Now there’s a 2016 lawsuit against that decision that hopes to reverse Rep. Vos' politically driven AG's right to plunder:
Employees of the DNR expressed concerns in emails in 2015 and 2016 about potential harm to lakes and streams from the construction of new wells in areas where irrigation was already widespread, court records filed on Friday show. The emails were included in the latest documents of a 2016 lawsuit by an environmental group and lake association that challenged a major shift in state policy that weakened the regulation of high-capacity wells. The October 2016 suit contends the DNR violated the Wisconsin Constitution and ignored other state laws and court cases after the agency announced it would no longer examine applications of large-scale wells by taking into account the impact of other nearby wells.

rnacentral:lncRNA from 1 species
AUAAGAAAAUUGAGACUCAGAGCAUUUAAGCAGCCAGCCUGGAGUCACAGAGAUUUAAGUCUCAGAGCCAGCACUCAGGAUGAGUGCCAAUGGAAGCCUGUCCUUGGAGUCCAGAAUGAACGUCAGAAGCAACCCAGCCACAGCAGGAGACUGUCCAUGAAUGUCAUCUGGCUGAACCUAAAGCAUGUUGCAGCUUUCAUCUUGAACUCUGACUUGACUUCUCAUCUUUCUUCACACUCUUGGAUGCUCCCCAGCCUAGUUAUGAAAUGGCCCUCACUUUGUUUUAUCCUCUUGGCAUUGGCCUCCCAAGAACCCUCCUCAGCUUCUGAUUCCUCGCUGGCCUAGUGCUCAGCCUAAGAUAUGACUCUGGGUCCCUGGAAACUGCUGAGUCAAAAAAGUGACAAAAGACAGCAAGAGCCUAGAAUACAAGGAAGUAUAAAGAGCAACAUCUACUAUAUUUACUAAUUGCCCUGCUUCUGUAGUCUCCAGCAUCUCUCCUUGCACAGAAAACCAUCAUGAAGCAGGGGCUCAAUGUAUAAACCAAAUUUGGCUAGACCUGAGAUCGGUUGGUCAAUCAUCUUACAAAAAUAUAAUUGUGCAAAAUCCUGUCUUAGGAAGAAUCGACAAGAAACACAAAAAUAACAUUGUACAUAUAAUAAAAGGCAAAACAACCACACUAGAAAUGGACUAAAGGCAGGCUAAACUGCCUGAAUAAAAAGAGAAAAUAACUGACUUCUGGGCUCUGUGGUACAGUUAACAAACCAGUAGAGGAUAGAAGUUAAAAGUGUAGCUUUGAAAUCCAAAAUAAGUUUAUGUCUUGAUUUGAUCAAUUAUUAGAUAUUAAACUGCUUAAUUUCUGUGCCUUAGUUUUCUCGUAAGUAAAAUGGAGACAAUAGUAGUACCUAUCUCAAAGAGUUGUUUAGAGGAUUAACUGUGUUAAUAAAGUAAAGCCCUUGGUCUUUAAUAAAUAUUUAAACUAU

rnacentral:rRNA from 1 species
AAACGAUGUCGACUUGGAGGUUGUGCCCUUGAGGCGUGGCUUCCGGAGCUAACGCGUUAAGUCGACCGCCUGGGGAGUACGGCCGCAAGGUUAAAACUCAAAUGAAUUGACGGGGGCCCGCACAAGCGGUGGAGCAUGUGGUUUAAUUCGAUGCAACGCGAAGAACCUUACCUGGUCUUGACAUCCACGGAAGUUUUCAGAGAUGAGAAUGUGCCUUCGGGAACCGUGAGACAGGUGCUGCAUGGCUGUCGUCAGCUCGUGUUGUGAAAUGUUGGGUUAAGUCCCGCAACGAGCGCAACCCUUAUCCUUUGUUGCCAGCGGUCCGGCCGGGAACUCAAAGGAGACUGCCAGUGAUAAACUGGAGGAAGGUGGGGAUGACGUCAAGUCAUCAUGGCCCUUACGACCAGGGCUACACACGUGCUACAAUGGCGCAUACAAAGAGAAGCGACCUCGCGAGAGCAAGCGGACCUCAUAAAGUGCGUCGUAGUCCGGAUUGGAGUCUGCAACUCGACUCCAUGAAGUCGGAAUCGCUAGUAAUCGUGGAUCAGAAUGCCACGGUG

Two years ago, Walker and lawmakers enacted a budget that cut 18 DNR science service bureau researchers amid complaints that their research related to climate change, pollution and wildlife habitat were controversial and unneeded.
Now the science services bureau is being dissolved and its remaining scientists moved to program offices that use their research.
A frequent critic of the DNR said the move will give more control to DNR Secretary Cathy Stepp. Sen. Tom Tiffany, a Republican and part of the GOP majority on the Legislature’s budget committee, said Stepp should be able to ensure that research benefits sportsmen and the DNR should be better able to prevent further research that takes climate change into account.
Walker Bags Smokey the Bear: Walker put the Kibosh on the State Fair's DNR exhibit. Seriously, who needs big government preaching to kids about taking care of the environment anyway: